14 September 2005

The Iceland Diaries III - Day 2

Saturday, 13 August 2005

I'm an idiot.

I fell asleep at 9:15 when I said I'd be at 22 at 10:30. I woke up and saw the computer screen displaying 12:08. I packed everything quickly and trumbled1 down the street with my suitcase, rollie-bag and overstudffed computer bag, gulping down some skýr for my own good despite not being hungry because at 6:30 a.m.


  • Clowns
  • Protests
  • Girls!
  • Girls talking to me!
  • Girls asking me to dance with them!
  • Girls promising to make sure I have a warm place to sleep!
  • A warm place to sleep.

I got to 22 and it was surprisingly empty, with a few staff and fríends sitting at the de facto employee's table. I got a strange look from one guy I didn't know as I sat down and plugged in while waiting for Halli to arrive and show me the kitchen prep.

I'm an even bigger idiot. I looked at my cell phone and saw it was 10:20, not 12:20. The city's only just waking up. Fifteen minutes later I saw þórdis ride by to open the doors at Ósóma. Since Gulli was DJing in 11 until 6:00a.m., this was no schocker. I'd had a full 90 minutes of sleep which explains my waking up with nothing even remotely resembling sobriety.

By 11:15 the streets were filling up with locals going shopping and tourists stopping everyone on the streets and asking the locals to take their (the tourists') pictures. Maybe The Question is just subtle Icelandic revenge on the invaders, but I've already learned that Iceland's subtlety is based on the German model so I need to work on a new hypothesis.

At around 1:00p.m. I went to Ósóma and chatted with Gulli. I'd decided to go to Nautarsvík, something that, as one guide described, is Iceland's answer to Bondi Beach. Gulli essplained: it's an area near the airport blocked by a sea wall with trucked-in yellow sand and heated water due to power plant discharge. The place is near the municipal airport and shouldn't be too hard to get to since a bus goes very close to it.

Ten minutes after I'd headed for the bus station on Lækjartorg, I got an SMS from Gulli saying Alice Cooper was in the shop. Bullshit. The joke was on Gulli since I was only a block away in the bookstore. I went back in laughing and called shenanigans.

The joke was on me. Alice had been there and had left less than a minute before I returned, so confirmed a couple customers. I'm hardly starstruck and the most I would've said to him would've been, "Hi" unless he'd started talking. I know enough famous people and I also know how tedious their Biggest Fans get. Still, Gulli "got" me. Yeah, yeah, yeah. I went back to the bus station only to find it mostly deserted and completely lacking in any information about the bus lines so I walked all the way back up Laugerveg to the Hlemmur station.

As I walked I was thinking about how crap the weather is to go to the beach and figured this might be a better time to go to the mall and get the damned hiking shoes. As this thought hit I saw a few clowns walking the other way dressed up as... clowns. I fucking hate clowns. Then I saw some other characters carrying signs and props and it hit me that there's a protest today against the new ALCOA plant and the dam to be built to supply the juice. Aluminum smelting requires about 13 gajillion volts so it's usually done where the juice is cheap -- Iceland is ideal.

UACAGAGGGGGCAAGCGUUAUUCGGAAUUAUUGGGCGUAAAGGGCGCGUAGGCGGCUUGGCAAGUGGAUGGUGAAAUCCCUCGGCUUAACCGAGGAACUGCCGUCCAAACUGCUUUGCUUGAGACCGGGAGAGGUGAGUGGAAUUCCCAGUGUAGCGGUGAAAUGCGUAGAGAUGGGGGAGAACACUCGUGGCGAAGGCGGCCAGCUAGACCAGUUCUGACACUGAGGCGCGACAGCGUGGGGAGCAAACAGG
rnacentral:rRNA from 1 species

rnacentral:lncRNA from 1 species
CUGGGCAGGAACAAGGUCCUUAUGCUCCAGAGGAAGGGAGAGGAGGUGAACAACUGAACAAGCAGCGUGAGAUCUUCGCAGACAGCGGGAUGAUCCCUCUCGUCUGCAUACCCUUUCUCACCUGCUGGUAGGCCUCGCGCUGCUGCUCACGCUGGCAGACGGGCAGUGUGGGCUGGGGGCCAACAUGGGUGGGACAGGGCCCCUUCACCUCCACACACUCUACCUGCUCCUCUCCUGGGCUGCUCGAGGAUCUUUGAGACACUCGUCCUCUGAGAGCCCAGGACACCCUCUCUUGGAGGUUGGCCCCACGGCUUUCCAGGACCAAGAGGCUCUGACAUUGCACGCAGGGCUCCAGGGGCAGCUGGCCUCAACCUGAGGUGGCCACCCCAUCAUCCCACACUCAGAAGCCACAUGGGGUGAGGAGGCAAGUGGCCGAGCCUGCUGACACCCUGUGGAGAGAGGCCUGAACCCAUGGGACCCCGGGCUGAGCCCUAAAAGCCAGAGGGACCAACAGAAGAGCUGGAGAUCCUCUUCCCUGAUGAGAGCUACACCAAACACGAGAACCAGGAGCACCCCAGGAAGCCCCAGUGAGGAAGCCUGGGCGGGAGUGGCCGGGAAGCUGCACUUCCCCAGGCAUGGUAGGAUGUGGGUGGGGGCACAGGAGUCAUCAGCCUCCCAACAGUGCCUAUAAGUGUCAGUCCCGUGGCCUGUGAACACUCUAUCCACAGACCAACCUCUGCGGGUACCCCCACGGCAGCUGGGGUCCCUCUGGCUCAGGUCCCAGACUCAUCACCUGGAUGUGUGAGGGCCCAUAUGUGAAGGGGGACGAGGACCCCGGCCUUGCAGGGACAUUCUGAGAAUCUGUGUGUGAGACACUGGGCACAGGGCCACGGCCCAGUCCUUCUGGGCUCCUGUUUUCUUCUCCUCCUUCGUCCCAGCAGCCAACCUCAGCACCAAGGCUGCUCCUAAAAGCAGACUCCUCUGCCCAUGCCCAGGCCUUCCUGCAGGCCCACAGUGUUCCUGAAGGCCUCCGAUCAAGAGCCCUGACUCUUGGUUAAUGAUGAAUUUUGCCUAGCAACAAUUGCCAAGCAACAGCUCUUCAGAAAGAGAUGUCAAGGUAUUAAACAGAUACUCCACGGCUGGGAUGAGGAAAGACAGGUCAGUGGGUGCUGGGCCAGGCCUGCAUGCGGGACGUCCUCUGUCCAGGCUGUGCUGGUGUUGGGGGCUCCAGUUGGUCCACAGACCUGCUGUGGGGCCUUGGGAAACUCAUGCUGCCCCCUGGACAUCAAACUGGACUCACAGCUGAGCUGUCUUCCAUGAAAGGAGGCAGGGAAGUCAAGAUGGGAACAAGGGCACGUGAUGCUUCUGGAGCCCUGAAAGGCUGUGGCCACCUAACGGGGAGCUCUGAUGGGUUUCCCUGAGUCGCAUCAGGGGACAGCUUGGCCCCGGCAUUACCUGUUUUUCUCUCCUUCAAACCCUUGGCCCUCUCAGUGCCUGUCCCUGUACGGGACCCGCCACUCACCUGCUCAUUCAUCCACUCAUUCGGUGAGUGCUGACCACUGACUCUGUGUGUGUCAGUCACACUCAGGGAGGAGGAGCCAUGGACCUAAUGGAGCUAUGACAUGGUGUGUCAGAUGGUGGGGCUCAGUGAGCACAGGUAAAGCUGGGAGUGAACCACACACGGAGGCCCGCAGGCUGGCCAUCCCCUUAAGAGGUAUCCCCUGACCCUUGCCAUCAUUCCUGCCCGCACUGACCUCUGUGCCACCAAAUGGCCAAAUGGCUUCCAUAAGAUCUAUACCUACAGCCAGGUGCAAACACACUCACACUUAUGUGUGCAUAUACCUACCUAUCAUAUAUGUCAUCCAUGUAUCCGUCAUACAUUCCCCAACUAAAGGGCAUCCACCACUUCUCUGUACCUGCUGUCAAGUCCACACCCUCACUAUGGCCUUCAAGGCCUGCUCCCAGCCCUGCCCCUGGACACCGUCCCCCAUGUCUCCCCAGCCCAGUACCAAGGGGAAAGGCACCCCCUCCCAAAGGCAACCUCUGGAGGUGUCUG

A protest. I'd read about protests here and seen a bit on Icelandic TV last year when the government had gone beyond an acceptable level of corruption in enough people's opinions and hundreds had gone down to the parliamment building, standing in front of it quietly. One person threw some bananas into the street. It was big news despite the lack of disorder, violence, the annoyingly ubiquitous whistles, and no hint that anyone would stoop to throwing bottles and rocks much less wear bandanas or gas masks in case the cops went postal in breaking things up.

This ALCOA protest thing is pretty big by Icelandic standards (i.e., people actually show up to complain). Someone went so far as to spray-paint "Stop ALCOA" on the parliament building. They were out inside 16 hours with the high pressure hose to remove it. Too bad the government didn't do the same cleaning to the private houses that fucker also spray-painted.

While some wilderness will be destroyed when an area is flooded in order to feed the hydroelectric dam, the area's no unique (beyond it being a specific area. Despite it being in an area used by migratory birds, no wildlife is endangered. A little pragmatism, please. The fact is that Iceland needs jobs. The economy desperately needs long-term, sustainable industry and can't continue to rely primarily on fishing and tourism.

Traveller's Tips
They changed all the buses in Reykjavík
That's right. Don't make plans based on your old travel books. Lines were changed and renumbered. This has some good and bad sides to it. It is a lot easier to get to the two malls now with direct lines through the city, but the locals aren't too happy overall.